It's not exactly a bubble, but there are dark clouds on the horizon for commercial real estate. Commercial real estate (CRE) loans are under pressure, squeezed between two external forces brought on by the novel coronavirus pandemic: shutdowns and work-from-home (WFH) arrangements. And the long-term effects could strain bank portfolios as they work to provide “prudent accommodations” to struggling borrowers. Are we in the calm before the storm?
Several sectors—most notably hospitality, retail, and food and beverage—are still reeling from forced closures and additional government ordinances and cleaning requirements designed to slow the spread of the virus. The initial hit to the hospitality sector was the immediate impact of the pandemic on transportation and business travel, according to Michael Wear, CRC, owner and principal of 39 Acres Corporation, which specializes in bankers education and consulting in the areas of credit risk and loan portfolio risk management. “The second punch came from local government ordinances prohibiting groups and requiring extra cleaning procedures.” According to data from the Bureau of Labor Statistics, about 4.8 million leisure and hospitality jobs have been lost since February, and the sector could lose over $120 billion this year—half its revenue.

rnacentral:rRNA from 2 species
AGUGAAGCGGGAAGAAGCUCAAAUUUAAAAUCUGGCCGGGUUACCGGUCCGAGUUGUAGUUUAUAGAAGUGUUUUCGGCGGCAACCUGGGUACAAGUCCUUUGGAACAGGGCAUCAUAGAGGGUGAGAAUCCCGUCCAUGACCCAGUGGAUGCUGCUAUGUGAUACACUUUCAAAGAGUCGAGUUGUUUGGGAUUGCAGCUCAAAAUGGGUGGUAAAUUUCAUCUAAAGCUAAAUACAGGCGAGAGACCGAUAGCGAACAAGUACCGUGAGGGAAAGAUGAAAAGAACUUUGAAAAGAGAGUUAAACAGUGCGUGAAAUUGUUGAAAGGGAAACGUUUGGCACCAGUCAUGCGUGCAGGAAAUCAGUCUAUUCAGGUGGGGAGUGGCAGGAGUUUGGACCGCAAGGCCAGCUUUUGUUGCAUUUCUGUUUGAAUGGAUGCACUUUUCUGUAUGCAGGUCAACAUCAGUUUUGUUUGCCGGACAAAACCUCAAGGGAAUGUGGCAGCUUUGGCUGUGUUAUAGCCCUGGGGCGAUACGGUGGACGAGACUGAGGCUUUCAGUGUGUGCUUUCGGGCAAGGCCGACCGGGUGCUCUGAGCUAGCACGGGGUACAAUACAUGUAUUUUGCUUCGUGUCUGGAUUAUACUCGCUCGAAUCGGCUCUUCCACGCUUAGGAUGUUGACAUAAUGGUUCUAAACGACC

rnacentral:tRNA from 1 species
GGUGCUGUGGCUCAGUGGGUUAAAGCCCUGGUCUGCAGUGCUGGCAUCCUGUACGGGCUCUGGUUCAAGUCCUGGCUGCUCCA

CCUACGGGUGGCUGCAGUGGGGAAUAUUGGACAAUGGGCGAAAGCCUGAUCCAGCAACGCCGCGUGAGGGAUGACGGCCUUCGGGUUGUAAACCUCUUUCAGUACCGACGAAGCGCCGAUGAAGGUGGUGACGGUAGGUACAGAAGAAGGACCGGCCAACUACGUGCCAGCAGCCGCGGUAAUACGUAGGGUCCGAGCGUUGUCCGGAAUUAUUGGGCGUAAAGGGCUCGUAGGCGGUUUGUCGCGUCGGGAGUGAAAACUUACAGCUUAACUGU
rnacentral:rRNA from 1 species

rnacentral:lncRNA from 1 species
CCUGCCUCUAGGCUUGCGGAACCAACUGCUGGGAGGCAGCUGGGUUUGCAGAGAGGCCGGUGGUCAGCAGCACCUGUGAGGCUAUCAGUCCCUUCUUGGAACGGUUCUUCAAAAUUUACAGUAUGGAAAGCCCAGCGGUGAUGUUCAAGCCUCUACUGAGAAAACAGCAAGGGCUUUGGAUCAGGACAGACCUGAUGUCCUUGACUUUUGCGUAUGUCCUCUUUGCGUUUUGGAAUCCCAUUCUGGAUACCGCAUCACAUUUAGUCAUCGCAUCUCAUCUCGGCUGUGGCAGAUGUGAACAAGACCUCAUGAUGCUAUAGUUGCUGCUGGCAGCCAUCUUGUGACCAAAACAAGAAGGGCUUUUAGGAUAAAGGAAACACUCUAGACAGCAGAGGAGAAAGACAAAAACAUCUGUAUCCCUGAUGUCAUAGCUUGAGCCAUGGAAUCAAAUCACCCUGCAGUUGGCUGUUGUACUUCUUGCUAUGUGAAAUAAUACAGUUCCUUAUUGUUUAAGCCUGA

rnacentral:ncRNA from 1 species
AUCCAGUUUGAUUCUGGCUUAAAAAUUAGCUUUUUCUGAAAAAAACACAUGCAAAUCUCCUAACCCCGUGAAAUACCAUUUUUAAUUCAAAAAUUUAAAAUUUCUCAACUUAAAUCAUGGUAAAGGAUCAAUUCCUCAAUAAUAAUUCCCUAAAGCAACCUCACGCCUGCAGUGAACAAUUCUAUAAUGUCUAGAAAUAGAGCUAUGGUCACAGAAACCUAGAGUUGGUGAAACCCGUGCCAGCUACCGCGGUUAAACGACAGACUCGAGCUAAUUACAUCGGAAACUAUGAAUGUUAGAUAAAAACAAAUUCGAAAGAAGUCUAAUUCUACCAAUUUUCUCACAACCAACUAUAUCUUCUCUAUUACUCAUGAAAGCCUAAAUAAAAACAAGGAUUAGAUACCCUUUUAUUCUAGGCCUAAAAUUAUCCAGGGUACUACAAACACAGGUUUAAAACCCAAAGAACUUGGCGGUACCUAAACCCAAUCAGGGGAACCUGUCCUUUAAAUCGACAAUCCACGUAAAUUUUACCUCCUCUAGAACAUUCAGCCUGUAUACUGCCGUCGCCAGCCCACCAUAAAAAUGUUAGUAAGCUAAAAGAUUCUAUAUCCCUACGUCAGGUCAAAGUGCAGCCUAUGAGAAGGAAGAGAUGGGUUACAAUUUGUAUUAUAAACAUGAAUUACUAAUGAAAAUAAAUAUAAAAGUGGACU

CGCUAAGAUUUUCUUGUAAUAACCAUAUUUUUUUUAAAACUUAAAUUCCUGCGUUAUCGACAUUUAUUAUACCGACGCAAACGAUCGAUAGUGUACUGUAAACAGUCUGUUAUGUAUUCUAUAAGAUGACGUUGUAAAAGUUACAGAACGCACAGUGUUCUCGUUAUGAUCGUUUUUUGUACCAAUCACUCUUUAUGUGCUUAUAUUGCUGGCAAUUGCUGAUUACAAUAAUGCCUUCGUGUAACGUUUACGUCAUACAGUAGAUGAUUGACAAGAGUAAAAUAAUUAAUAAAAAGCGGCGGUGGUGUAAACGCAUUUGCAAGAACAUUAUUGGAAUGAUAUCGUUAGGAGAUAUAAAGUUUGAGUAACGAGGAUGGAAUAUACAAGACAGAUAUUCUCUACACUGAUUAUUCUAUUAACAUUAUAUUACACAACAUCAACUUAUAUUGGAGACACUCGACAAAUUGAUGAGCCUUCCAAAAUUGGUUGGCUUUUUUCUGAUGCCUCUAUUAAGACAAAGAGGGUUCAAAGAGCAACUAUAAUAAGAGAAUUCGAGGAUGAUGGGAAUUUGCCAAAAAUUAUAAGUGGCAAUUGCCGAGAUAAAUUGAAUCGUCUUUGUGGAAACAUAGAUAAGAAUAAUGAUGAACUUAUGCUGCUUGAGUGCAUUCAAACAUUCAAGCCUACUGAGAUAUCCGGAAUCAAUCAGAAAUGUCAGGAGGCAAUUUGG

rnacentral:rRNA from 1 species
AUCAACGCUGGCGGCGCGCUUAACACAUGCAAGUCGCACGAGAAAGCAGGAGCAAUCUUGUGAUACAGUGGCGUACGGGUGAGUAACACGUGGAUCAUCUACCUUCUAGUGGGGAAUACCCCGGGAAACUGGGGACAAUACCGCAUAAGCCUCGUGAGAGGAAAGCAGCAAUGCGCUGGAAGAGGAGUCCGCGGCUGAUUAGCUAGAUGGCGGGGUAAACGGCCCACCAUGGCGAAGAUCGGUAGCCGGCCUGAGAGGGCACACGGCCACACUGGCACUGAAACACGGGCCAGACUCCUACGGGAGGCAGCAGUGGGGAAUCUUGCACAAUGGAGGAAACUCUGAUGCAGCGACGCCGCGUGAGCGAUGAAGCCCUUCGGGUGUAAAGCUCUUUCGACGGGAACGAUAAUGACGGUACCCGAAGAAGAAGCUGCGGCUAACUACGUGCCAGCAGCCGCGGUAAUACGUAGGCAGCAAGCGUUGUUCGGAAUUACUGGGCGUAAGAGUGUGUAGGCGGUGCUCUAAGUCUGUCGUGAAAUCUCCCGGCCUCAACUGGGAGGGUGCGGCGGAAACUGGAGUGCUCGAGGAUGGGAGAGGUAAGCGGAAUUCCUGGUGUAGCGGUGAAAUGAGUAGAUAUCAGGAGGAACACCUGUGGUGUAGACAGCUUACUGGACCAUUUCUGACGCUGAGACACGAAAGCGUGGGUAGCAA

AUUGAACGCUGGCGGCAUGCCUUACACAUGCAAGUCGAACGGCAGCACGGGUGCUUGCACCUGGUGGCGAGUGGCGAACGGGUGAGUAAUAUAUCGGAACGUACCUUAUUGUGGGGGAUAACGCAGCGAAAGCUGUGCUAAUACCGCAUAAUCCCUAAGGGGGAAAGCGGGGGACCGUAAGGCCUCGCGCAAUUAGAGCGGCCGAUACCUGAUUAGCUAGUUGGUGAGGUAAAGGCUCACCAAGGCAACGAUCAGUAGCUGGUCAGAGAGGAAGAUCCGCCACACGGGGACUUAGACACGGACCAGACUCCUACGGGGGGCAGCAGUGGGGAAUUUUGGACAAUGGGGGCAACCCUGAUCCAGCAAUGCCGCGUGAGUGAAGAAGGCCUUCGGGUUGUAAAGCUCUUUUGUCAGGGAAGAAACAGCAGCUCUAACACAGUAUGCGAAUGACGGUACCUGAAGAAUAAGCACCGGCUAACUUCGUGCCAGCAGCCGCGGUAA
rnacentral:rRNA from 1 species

This spring, government-ordered lockdowns forced the global business world into the largest-ever WFH experiment, with (surprisingly, to some) positive results. “There likely will be a large shift in demand for office space in the future,” said Stanley Koopmans, senior vice president – commercial relationship manager at the State Bank of Cross Plains. Regarding WFH, “Many of my customers are saying they’ve not seen a decrease in productivity, and in some cases, they’ve seen an increase. They still want office space for those employees who want to come in, but they may not need as big of a building.” Allowing employees to work from home results in significant cost-savings for businesses, especially considering office redesigns to accommodate physical distancing requirements are more costly (more space per employee). Nationwide, demand for office space could drop by up to 15%, even after the pandemic is over.
Despite ongoing COVID-19 challenges, the CRE situation doesn’t look dire… yet. “So far, there hasn’t been a huge impact,” Koopmans said, indicating while State Bank of Cross Plains has done deferrals, many customers haven’t needed them. Associated Bank, the largest bank headquartered in Wisconsin, had completed $638 million in commercial real estate deferrals as of June 30 but expects over 90% of corporate banking and small business deferrals to resume making payments. The true difficulty for bankers will be the severity of the pandemic’s future impact on consumers.